After setting up a few Spark + Scala projects I decided to open-source a boilerplate sample project that you can import right into IntelliJ and build with one command.
Usually I write Apache Spark code in Python, but there are a few times I prefer to use Scala:
- When functionality isn’t in PySpark yet.
- It’s easier to include dependencies in the JAR file instead of installing on cluster nodes.
- Need that extra bit of performance.
- Even more reasons here on StackOverflow.
One of the downsides to using Scala over Python is setting up the initial project structure. With PySpark, a single “.py” file does the trick. Using this boilerplate project will make using Spark + Scala just as easy. Grab the code and run “sbt assembly” and you’ll have a JAR file ready to use with “spark-submit”.
Check it out here: https://github.com/mikestaszel/spark-scala-boilerplate
I recently migrated my WordPress installation from an old Debian 8 Google Cloud instance to Debian 9. I decided to do the installation myself this time instead of using a Bitnami image for greater control. I couldn’t get certbot (a Let’s Encrypt client for free SSL certificates) to work on the Bitnami image so I figured I’d set everything up myself.
I ran into one problem that took me a while to debug and figure out. I relinked my site to Jetpack to get basic analytics and automatic sharing to LinkedIn, but Jetpack couldn’t communicate with my site.
Google recently launched a preview of Colaboratory, a new service that lets you edit and run IPython notebooks right from Google Drive – free! It’s similar to Databricks – give that a try if you’re looking for a better-supported way to run Spark in the cloud, launch clusters, and much more.
Google has published some tutorials showing how to use Tensorflow and various other Google APIs and tools on Colaboratory, but I wanted to try installing Apache Spark. It turned out to be much easier than I expected. Download the notebook and import it into Colaboratory or read on…
I had a hard time figuring out how to make a Go program execute a command and make that program take over the console. I wanted my program to launch an SSH session.
I recently ran into a use case that the usual Spark CSV writer didn’t handle very well – the data I was writing had an unusual encoding, odd characters, and was really large.
I needed a way to use the Python unicodecsv library with a Spark dataframe to write to a huge output CSV file.
One of the biggest, most time-consuming parts of data science is analysis and experimentation. One of the most popular tools to do so in a graphical, interactive environment is Jupyter.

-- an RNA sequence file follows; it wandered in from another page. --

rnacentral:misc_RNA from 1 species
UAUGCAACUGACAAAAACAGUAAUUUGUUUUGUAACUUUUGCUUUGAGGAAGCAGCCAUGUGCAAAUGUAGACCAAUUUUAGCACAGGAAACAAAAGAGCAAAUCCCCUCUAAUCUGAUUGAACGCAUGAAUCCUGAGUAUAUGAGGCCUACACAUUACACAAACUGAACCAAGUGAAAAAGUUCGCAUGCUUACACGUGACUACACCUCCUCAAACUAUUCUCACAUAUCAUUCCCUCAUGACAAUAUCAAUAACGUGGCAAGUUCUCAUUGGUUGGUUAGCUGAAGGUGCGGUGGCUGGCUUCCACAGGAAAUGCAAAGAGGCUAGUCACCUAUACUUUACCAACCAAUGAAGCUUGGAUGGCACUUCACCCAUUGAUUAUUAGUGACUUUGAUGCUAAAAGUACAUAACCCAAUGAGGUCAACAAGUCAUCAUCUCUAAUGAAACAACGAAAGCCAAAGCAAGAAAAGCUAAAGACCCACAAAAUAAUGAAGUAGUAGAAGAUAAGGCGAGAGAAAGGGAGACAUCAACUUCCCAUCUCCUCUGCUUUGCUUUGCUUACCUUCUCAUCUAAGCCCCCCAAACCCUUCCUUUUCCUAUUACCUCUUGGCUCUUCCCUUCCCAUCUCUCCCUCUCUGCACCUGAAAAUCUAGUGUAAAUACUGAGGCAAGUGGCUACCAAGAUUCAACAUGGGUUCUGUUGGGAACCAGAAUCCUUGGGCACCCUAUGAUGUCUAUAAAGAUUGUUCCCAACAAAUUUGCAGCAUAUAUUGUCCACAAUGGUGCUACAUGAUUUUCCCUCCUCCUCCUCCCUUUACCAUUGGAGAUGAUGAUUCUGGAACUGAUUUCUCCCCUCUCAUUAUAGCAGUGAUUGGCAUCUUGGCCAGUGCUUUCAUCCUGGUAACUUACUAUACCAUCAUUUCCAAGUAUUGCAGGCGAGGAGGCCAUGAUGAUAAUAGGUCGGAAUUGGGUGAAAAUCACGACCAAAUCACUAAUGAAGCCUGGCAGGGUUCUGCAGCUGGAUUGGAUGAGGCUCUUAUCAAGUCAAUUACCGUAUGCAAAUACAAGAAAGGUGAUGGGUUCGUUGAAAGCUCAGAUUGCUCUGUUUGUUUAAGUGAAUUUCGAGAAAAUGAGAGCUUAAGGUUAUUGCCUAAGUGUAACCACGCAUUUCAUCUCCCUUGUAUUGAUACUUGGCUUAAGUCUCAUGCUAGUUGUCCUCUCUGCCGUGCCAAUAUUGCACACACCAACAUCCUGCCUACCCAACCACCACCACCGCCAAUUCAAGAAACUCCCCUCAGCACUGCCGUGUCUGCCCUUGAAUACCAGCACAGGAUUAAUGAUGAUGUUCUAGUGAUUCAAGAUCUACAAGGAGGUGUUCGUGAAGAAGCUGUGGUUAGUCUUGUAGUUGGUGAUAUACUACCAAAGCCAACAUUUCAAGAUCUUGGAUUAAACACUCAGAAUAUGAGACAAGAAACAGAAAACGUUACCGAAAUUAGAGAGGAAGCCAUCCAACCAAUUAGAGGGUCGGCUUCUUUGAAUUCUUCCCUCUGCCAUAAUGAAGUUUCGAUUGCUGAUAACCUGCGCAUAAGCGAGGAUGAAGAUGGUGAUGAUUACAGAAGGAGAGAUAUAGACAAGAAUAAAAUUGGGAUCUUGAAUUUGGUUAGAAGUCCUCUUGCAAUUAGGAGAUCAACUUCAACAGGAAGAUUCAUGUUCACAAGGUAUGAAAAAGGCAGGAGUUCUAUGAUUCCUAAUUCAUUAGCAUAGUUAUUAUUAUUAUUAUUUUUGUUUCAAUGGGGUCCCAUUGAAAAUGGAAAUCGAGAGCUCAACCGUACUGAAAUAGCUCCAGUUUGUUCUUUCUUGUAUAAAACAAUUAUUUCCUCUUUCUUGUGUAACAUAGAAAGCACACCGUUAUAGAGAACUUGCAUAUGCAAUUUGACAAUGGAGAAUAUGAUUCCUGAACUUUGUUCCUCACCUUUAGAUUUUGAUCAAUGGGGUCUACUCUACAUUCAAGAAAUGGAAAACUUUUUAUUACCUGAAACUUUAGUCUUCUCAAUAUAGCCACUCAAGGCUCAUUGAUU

Combining Jupyter with Apache Spark (through PySpark) merges two extremely powerful tools. AWS EMR lets you set up all of these tools with just a few clicks. In this tutorial I’ll walk through creating a cluster of machines running Spark with a Jupyter notebook sitting on top of it all.
Recently I started playing around with Vowpal Wabbit and various data sets. Vowpal Wabbit promises to be really fast, so much so that disk IO is one of the most common bottlenecks according to the author. I did a quick test to see if using a RAM disk would make Vowpal Wabbit’s training faster. However, a RAM disk is not a silver bullet that will make Vowpal Wabbit faster, at least in my quick testing.
I bought a few Amazon Dash Buttons as part of Prime Day. These are the cheaper $4.99 buttons, not the more expensive $19.99 AWS IoT Buttons. In this blog post I’ll walk through how to make these cheaper buttons do what the more expensive button does.
Jupyter Notebook extension for Apache Spark integration.
Includes a progress indicator for the current Notebook cell if it invokes a Spark job. Queries the Spark UI service on the backend to get the required Spark job information.
This is really neat. No more checking another tab for job progress when running cells in a notebook!
I recently finished reading Data Science from Scratch by Joel Grus. This book is a great introduction to data science concepts. It uses real code to demonstrate complex Python, data analytics, data science, and machine learning concepts.
I’m really glad I picked up this book as the first book I’ve read about machine learning. There was a great combination of mathematics, statistics, and real applications of machine learning algorithms.
The book starts out with a quick introduction to Python, followed by an in-depth review of all the math you need for the code to make sense.
If you’re looking for a book that’ll show you how to use Tensorflow or scikit-learn, this book is not for you. I’d recommend reading this book before diving into those. You’ll learn about the math behind popular machine learning libraries and implement basic versions of some of the most popular algorithms from scratch.
I think the next book I’ll pick up after this one is Python Data Science Handbook which will go into more detail on using a bunch of Python libraries to do some of this machine learning for me.